The implications of a decline in the hind kill and a slowly growing velvet herd were discussed at a meeting between the DINZ board and South Canterbury/North Otago deer farmers in Mayfield 10 days ago. Velvet levies now make up a third of the board’s income, up from 25% a few years ago.
Cervena was the hero of the winning entry in the City & Guilds New Zealand Team Skills competition, one of the country’s top culinary competitions for younger chefs. The winners’ main was roasted Cervena Venison wrapped in tamarillo with smoked potato, savoy cabbage, baby carrots, rocket puree and jus.
The venison schedule is looking much better this season, with exporters tipping that the spring peak will be north of $8/kg. While the deer kill is expected to be down 15% on last year, indications are that more hinds are being retained to hopefully rebuild the national breeding herd.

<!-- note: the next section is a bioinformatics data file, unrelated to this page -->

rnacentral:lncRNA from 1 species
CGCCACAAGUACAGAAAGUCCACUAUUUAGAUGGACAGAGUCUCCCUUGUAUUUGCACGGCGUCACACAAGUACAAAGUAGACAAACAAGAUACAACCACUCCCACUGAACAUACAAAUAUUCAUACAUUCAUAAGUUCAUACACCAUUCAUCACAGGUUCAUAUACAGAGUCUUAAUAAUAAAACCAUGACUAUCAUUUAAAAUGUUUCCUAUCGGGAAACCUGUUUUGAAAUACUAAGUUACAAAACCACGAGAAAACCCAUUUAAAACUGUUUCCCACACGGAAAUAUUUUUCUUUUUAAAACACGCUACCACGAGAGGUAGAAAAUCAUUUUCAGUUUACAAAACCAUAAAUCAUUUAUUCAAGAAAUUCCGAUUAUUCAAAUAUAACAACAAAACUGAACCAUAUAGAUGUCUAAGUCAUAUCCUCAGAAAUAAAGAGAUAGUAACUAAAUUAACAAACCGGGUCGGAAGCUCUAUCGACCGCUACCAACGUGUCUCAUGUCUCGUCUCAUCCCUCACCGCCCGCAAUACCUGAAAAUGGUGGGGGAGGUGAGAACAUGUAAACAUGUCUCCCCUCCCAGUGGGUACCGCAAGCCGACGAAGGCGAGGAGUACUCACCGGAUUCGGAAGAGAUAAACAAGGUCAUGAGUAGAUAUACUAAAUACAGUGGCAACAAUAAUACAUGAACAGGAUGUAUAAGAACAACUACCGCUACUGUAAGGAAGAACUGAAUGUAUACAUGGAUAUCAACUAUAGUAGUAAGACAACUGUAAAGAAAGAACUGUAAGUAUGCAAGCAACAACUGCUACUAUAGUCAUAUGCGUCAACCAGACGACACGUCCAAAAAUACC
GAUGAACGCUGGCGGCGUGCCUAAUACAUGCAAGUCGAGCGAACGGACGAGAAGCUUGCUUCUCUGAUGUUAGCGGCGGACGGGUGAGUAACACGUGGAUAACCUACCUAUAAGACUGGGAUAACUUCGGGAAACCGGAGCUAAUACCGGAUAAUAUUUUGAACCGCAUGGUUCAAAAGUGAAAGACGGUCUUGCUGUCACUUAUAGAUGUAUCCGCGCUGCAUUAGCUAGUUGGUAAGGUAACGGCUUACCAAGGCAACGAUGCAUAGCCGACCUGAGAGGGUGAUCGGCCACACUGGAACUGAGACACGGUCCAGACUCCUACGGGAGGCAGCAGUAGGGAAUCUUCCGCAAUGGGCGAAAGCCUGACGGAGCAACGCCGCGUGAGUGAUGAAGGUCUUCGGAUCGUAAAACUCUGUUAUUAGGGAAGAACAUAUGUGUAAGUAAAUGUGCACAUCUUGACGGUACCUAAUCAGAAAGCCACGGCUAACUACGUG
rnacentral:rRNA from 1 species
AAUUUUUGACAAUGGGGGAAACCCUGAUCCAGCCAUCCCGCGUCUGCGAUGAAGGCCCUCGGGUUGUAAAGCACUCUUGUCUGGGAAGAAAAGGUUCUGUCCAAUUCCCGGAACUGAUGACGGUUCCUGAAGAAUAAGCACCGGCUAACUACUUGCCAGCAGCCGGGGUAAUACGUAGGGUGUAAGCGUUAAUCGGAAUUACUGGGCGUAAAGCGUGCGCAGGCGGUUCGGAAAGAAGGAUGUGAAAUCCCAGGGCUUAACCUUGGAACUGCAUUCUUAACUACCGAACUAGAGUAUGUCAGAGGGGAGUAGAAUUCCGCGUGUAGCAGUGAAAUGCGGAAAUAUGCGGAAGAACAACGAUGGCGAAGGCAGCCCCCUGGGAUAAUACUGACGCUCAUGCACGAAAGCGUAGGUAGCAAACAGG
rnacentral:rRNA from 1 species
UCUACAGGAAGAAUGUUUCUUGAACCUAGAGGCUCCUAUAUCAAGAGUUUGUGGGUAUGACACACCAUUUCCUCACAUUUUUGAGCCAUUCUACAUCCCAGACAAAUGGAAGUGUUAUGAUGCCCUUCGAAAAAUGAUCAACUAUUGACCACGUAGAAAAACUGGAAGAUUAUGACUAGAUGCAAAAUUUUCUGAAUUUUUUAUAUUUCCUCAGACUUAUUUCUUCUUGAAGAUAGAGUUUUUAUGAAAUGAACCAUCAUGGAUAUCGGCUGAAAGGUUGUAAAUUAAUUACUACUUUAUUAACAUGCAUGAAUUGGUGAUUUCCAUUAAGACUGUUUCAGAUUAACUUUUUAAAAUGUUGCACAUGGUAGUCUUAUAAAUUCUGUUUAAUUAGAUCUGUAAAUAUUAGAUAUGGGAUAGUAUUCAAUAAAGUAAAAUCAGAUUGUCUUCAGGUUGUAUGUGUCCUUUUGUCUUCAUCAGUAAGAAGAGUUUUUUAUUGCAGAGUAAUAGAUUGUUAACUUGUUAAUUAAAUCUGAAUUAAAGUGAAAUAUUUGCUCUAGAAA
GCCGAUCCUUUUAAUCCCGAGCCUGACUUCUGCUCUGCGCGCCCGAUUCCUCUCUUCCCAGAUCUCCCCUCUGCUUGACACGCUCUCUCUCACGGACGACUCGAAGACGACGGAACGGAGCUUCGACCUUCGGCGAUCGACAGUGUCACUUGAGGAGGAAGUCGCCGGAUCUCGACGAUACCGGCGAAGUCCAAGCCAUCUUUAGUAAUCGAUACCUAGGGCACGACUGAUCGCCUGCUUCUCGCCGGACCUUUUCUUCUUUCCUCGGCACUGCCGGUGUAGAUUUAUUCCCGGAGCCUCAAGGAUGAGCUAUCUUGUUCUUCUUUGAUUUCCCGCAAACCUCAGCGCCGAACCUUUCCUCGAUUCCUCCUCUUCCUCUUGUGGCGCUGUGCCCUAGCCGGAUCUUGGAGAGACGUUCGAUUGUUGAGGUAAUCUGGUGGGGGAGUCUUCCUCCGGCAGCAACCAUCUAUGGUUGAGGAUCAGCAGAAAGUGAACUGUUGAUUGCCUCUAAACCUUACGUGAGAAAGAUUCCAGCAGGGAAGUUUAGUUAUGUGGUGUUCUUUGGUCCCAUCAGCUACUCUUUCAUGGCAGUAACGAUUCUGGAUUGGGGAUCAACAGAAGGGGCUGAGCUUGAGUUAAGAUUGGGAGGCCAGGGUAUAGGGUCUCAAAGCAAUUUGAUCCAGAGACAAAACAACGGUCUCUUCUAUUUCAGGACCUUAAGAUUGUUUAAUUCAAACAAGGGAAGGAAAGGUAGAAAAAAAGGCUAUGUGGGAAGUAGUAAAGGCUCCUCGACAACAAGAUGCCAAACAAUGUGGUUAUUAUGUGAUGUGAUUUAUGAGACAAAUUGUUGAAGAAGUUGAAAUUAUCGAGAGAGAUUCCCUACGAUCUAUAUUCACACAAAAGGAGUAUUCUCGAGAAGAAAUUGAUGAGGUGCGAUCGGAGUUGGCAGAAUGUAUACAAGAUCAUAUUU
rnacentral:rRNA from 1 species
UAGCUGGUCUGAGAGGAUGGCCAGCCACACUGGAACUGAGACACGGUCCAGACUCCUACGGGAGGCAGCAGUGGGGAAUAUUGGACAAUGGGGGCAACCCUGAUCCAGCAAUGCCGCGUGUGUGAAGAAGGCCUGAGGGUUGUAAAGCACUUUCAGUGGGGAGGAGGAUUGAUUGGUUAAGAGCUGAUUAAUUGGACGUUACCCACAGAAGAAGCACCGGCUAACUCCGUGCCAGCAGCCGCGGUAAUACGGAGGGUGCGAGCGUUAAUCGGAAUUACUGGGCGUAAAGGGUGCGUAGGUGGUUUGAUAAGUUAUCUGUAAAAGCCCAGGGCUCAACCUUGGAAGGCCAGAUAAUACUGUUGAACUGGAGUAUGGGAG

Deer farmers in North Canterbury are having to make some tough decisions after battling drought for 12 months. Because some may decide to fawn their hinds off the farm, DINZ wants to hear from farmers in summer-safe districts who have grazing available.